The Administration’s budget request for fiscal year 2004 also includes a proposal to require all housing agencies to impose minimum rents of no less than $50 a month. On May 9, the Administration submitted an amendment to the budget request which would omit the option to set a minimum rent above $50 per month. Unlike the block grant bills, the proposal in the budget request would exempt all elderly and disabled families from the minimum rents.
 For a summary of this research, see Barbara Sard and Margy Waller, Housing Strategies to Strengthen Welfare Policy and Support Working Families, Center on Budget and Policy Priorities and Brookings Institution Center on Urban and Metropolitan Policy, 2002.
 The Senate bill includes a provision that would amend the current voucher statute to specify that the statutory provisions concerning the use of vouchers for homeownership (and for project-based assistance) would no longer apply to vouchers funded under the block grant after fiscal year 2009. For example, restrictions on the ability of housing agencies to reduce or terminate subsidies for families that are using their vouchers to make mortgage payments or cover other homeownership costs would no longer apply. The House bill is somewhat ambiguous on these matters, but it appears to require that the current provisions of the voucher statute concerning homeownership and project-based assistance would continue to apply to families already in these programs at the time of transition to the block grant. Such protection would not be provided to families entering the program in the future.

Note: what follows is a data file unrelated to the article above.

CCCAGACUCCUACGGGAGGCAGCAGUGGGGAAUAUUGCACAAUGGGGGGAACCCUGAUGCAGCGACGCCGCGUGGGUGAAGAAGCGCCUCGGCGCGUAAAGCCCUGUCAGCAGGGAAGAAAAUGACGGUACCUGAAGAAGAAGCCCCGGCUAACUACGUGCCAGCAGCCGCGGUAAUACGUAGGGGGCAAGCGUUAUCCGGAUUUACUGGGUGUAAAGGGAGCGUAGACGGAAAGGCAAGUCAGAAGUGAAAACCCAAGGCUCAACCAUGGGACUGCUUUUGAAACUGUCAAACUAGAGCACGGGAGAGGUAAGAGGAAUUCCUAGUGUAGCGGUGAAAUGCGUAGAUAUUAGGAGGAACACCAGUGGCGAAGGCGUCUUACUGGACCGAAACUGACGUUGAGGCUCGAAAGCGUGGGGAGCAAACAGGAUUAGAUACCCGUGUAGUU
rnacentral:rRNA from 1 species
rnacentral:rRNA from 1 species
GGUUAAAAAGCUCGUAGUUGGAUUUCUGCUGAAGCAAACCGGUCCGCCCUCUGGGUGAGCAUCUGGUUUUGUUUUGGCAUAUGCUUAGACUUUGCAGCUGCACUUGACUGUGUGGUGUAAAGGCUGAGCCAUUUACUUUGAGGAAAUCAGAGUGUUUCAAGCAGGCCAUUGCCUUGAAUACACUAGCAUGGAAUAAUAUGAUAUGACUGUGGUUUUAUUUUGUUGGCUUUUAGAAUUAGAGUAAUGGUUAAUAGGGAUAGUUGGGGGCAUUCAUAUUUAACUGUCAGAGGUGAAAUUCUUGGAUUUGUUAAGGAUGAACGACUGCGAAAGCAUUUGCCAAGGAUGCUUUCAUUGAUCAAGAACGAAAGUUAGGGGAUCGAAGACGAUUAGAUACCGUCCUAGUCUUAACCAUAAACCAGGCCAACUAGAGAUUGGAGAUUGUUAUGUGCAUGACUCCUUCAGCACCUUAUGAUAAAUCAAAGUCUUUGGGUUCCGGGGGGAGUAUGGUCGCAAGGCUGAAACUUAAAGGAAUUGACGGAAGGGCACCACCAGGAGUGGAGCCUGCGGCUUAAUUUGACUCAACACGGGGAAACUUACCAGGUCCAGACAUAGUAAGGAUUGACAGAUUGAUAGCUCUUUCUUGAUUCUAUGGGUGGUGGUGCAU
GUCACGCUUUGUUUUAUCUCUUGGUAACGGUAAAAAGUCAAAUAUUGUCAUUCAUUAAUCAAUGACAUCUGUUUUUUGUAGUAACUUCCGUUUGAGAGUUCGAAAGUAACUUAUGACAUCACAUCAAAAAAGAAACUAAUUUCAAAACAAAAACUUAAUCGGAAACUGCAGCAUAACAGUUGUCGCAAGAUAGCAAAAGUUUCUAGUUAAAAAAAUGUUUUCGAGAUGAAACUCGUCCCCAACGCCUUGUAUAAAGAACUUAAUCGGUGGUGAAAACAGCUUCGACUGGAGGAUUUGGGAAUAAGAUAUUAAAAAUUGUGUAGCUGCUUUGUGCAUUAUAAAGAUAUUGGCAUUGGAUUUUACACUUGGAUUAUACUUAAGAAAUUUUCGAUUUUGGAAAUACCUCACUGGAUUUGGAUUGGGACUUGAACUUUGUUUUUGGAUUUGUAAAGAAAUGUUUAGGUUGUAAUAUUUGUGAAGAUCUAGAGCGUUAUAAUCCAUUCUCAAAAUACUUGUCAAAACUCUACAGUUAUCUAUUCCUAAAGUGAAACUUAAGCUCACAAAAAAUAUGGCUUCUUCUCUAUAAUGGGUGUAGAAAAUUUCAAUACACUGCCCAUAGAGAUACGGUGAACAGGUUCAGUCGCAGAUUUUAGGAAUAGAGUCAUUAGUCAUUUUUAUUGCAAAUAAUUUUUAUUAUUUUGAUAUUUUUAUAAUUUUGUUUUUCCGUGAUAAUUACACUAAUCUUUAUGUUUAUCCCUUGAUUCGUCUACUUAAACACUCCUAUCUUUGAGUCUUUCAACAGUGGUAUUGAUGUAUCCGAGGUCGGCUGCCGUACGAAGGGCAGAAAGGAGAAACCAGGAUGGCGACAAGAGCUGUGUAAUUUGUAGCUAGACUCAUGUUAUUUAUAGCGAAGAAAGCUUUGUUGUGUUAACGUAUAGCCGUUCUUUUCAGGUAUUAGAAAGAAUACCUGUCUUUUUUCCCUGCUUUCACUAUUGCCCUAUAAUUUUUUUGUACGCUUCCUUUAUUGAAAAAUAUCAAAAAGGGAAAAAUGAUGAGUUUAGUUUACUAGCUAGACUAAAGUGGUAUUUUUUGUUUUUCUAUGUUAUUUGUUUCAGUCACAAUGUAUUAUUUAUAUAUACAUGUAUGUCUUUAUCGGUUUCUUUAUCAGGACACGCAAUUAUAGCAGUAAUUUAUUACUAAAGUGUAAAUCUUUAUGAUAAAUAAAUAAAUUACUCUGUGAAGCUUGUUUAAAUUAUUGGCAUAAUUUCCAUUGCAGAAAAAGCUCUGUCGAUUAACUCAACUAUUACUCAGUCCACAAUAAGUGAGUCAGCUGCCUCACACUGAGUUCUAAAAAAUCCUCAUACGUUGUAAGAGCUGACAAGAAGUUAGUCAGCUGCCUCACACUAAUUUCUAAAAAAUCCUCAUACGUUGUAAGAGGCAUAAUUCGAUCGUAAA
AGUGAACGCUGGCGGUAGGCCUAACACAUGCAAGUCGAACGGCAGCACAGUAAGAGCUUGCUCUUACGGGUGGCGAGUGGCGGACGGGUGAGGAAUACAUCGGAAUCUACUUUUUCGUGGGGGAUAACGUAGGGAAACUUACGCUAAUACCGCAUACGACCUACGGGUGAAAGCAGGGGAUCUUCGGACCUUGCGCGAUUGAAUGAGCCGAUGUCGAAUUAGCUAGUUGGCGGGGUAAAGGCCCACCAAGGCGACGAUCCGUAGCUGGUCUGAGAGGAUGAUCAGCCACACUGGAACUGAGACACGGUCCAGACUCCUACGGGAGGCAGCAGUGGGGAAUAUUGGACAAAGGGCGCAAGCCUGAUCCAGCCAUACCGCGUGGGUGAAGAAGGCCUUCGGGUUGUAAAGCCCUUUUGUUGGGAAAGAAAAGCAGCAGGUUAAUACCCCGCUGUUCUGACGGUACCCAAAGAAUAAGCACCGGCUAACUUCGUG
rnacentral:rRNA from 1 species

The bills specify that families receiving voucher assistance at the time of the transition to the block grant would continue to receive assistance “subject to the terms and conditions” of Section 8 of the U.S. Housing Act, (see note 4 above) but neither the welfare-to-work voucher program nor the FSS program is authorized under Section 8. The welfare-to-work voucher program was established by the fiscal year 1999 appropriations act; no other statute governs the program. The FSS program is contained in Section 23 of the U.S. Housing Act (42 U.S.C. 1437u); it applies to public housing residents as well as voucher families. Even if the grandfathering requirement were to be construed to require the continuation of these programs for current participants, states would be under no obligation to continue to serve families making the transition from welfare to work when current families leave the program and these special vouchers become available for reissuance. Nor would states be obligated to enroll any additional families in FSS.